Many adverse reactions are associated with transfusion therapy. Most frequently encountered is a febrile nonhemolytic reaction. Patients who have had previous transfusion or patients who are pregnant are at greatest risk. Treatment is supportive with antipyretics. The clinician should maintain a high level of suspicion for a hemolytic reaction, because fever may the first symptom.

Many patients fear infection. [4] Hepatitis C occurs in 1 of 103,000 transfusions, hepatitis B occurs in 1 of 200,000 transfusions, and human immunodeficiency virus (HIV) occurs in 1 of 490,000 transfusions.

In a retrospective study of patients with chronic refractory anemia who were transfusion-dependent for more than 1 year, 10 of the 13 patients had abnormal liver function. The CT Hounsfield units in the liver were proportional to serum ferritin levels and were increased significantly in 11 patients. In the nine patients with serum ferritin >3,500 ng/mL, eight of whom died, skin pigmentation, liver dysfunction, and endocrine dysfunction were observed. Serum ferritin levels did not decrease significantly in the nine patients treated with 15-60 days of iron-chelating therapy. [5]

Graft versus host reaction

The graft versus host reaction is rare but is especially dangerous in patients who are immunocompromised. It carries a mortality rate of greater than 90%. Pathogenesis in this reaction involves donor T lymphocytes attacking host human leukocyte antigens (HLA). High fever, erythematous rash, diarrhea, and abnormal LFTs associated with recent or concurrent transfusion may herald the severe reaction. Symptoms may not appear until 8 days after transfusion, and death occurs in 3-4 weeks.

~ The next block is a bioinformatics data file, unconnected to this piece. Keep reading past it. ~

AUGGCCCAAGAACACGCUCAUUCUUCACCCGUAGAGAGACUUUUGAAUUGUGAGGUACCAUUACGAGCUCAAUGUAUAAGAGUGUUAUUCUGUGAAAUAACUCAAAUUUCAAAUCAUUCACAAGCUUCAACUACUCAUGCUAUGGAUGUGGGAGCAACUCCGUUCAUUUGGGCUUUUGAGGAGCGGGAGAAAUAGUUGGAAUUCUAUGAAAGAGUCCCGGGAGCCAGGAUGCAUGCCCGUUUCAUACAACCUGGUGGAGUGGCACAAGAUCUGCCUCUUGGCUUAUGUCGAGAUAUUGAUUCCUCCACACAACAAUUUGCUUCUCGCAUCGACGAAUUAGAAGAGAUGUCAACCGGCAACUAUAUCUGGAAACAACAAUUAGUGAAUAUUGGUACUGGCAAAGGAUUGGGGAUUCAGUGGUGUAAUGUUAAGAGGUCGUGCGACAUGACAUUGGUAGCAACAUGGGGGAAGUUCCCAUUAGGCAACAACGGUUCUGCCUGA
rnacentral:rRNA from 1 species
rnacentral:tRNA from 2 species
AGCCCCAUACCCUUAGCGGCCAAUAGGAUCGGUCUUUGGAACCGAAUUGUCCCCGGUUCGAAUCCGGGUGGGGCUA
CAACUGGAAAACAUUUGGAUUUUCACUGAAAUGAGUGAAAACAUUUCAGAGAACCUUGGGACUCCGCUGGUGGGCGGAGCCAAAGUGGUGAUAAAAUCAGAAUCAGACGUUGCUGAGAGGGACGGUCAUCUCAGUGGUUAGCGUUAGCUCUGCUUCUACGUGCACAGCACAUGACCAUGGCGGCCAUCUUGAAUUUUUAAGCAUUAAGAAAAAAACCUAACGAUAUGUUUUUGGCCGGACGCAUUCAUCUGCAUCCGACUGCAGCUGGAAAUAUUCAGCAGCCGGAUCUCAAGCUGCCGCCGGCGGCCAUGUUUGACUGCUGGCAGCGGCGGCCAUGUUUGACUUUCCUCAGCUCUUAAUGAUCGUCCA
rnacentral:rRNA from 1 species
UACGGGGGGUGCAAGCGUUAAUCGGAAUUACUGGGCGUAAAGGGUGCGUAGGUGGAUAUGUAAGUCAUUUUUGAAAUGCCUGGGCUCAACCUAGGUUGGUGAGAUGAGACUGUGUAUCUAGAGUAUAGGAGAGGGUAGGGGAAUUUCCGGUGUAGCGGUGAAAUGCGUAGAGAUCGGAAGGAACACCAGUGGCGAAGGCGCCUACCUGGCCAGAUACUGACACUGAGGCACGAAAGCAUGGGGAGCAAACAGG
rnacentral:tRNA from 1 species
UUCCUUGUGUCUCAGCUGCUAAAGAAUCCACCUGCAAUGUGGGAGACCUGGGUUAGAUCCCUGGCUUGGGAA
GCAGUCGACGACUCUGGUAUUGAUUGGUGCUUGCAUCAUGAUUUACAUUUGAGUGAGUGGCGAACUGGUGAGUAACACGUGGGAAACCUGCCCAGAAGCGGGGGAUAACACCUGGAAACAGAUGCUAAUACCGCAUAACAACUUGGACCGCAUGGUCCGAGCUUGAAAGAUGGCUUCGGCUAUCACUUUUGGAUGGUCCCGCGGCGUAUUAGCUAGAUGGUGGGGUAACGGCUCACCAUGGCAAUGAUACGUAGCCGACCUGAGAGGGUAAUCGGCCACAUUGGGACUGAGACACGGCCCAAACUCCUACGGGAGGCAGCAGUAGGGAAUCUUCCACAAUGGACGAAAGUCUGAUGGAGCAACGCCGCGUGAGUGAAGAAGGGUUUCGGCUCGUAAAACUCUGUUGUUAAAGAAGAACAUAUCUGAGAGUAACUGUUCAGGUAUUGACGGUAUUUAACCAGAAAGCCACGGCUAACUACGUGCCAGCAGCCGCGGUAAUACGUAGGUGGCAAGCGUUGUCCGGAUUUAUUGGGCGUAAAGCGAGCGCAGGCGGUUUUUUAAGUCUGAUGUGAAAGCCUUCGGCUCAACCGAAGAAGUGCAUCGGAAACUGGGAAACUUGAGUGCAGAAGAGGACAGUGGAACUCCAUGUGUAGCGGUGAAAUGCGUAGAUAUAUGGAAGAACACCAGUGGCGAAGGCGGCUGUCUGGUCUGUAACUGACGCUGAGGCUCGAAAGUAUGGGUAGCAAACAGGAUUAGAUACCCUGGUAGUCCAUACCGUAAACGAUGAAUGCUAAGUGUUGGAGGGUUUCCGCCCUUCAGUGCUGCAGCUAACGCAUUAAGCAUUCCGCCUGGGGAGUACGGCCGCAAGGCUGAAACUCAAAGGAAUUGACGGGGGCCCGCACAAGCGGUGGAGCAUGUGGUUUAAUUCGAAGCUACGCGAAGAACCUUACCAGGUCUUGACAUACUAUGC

Using irradiated blood can decrease the incidence of graft versus host reaction and should be considered in all patients deemed immunocompromised, as well as in fetuses receiving intrauterine transfusions, patients receiving units from a blood relative, and patients transplanted with marrow. Care should be taken when transfusing patients with CHF. Preferably, transfusion should occur over 3-4 hours in the sitting position.



Patients with chronic anemia most often are treated in the outpatient setting. Clear instructions must be given to the patient regarding proper follow-up.

Consideration of the patient’s financial situation and ability to comply with follow-up care is imperative. The key to minimizing complications from chronic anemia is ongoing reassessment and patient compliance with proposed medical therapy.

All efforts should be made to arrange for follow-up. When all avenues for outpatient evaluation fail, patients should be instructed to return to the ED for reassessment in 2-3 weeks.

Upon discharge, instruct the patient to watch for signs and symptoms of worsening anemia. The patient should be advised to return to the ED if such symptoms develop.



Generally, patients with chronic anemia can be treated on an outpatient basis, and referral to a primary care provider is appropriate.

Consultation with the patient's primary care provider or an available internist should begin in the ED.

Symptomatic patients with an underlying medical condition that requires surgical consultation, such as chronic GI bleeding from colon cancer, should be evaluated by a surgeon in the ED.